An increasing number of athletes have begun replacing so-called energy drinks with coconut water (not to be confused with coconut milk) to replenish their electrolytes, as well as other minerals including potassium and sodium following strenuous physical activity.
In fact, a regular glass of coconut water is said to 50% more potassium (about 250 mg) and 1/5th the amount of natural sugar (5 mg) than most of the popular sports drinks sold. In addition, coconut water has only about 105 mg of natural sodium. Together, these elements also serve to replenish vital fluids and electrolytes lost due to diarrhea.
Additional coconut water benefits
Meanwhile, acid phosphatase, catalase, dehydrogenase, diastase, peroxidase, RNA-polymerases, etc. found in coconut water aids in digestion and metabolism, as well as help settle upset stomachs.
Additionally, it has been found that while drinking coconut water helps improve digestion as well as kidney function, it can kill intestinal worms if combined with a “teaspoonful of olive oil for 3- days.”
It may also surprise you to learn that coconut water is often used as a substitute for plasma in emergency transfusions in many poor 3rd world countries, and has proven successful in killing pathogens such as the Herpes virus and cytomegalovirus.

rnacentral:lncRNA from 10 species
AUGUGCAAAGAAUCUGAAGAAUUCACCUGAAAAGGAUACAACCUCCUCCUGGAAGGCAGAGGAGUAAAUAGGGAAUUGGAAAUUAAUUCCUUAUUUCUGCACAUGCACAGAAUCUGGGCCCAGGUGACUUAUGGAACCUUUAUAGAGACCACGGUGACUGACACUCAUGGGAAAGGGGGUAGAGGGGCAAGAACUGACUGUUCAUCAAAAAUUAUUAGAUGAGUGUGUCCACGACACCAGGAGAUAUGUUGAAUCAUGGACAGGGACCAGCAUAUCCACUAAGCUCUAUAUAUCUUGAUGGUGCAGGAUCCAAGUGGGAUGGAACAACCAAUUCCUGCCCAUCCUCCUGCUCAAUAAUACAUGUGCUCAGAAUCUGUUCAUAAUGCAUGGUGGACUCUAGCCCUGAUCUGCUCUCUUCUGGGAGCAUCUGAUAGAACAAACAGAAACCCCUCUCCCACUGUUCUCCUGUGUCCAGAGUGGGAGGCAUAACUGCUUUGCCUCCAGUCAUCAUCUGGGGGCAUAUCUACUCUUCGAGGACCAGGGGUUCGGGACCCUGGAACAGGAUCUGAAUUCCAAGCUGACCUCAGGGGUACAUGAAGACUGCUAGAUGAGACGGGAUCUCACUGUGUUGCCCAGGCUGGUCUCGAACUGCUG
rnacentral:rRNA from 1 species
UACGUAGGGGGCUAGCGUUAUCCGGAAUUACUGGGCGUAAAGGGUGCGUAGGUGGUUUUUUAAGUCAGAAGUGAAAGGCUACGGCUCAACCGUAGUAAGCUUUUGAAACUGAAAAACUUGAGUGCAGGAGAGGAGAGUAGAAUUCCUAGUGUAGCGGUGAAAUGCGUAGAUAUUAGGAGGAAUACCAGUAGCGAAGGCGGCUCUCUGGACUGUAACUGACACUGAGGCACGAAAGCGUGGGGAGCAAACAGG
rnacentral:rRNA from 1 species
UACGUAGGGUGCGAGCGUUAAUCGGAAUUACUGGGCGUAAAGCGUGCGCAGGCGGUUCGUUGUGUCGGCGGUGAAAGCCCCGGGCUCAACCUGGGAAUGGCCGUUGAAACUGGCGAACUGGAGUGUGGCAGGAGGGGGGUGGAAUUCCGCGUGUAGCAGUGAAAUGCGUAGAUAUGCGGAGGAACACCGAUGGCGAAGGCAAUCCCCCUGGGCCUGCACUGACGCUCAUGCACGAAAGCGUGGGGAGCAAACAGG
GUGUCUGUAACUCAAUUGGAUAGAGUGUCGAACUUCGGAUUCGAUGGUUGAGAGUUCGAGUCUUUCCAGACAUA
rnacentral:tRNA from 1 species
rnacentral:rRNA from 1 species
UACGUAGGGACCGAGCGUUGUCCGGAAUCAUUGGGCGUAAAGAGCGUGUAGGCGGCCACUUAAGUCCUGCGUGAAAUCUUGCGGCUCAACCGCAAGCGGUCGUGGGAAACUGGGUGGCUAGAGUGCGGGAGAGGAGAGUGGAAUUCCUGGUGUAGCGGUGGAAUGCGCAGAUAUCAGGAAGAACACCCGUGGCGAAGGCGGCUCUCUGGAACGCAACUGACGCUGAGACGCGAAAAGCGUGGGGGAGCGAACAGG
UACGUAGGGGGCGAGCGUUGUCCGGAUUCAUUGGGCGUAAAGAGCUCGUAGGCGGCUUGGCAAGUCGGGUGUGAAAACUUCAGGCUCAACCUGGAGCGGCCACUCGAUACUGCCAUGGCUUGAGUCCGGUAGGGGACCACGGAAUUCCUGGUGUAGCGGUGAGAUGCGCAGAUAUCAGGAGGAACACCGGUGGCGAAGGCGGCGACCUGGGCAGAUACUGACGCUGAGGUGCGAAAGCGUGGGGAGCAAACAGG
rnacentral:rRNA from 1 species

Meanwhile, coconut water is also used to reduce vomiting in patients suffering from typhoid and malaria. Externally, coconut water has been found to soothe the skin from sunburns and boils.
Although generally considered to be safe for adult consumption, some health officials warn that since it may lower blood pressure either on its own or by increasing the effects of medications used to lower blood pressure). As a result, it is important to consult with your physician before using it, particularly if you are to undergo any type of surgery.
Meanwhile, other health issues that may arise from drinking too much coconut water include a possible spike in blood sugar levels which could (in turn) reduce the production of insulin by the pancreas. Thus diabetics, especially, need to think twice before drinking it. In fact, according to the USDA.gov website, “1000gram serving of coconut water contains 26.10 gram of sugar.”
At the same time, people need to monitor their daily intake of potassium, being sure not to consume more than 4.7 grams daily. While vital for building muscles and regulating the heart, too much potassium can lead to irregular heart rhythms and reduce kidney function, among other problems.
In addition, many physicians recommend that pregnant women, as well as nursing mothers, stay away from it as a precaution against any unknown side effects that might harm their babies.
Note: Unlike coconut milk, which is produced from a mixture of liquids found in the grated meat of mature fruit), coconut water is the clear liquid found inside immature (green) coconuts.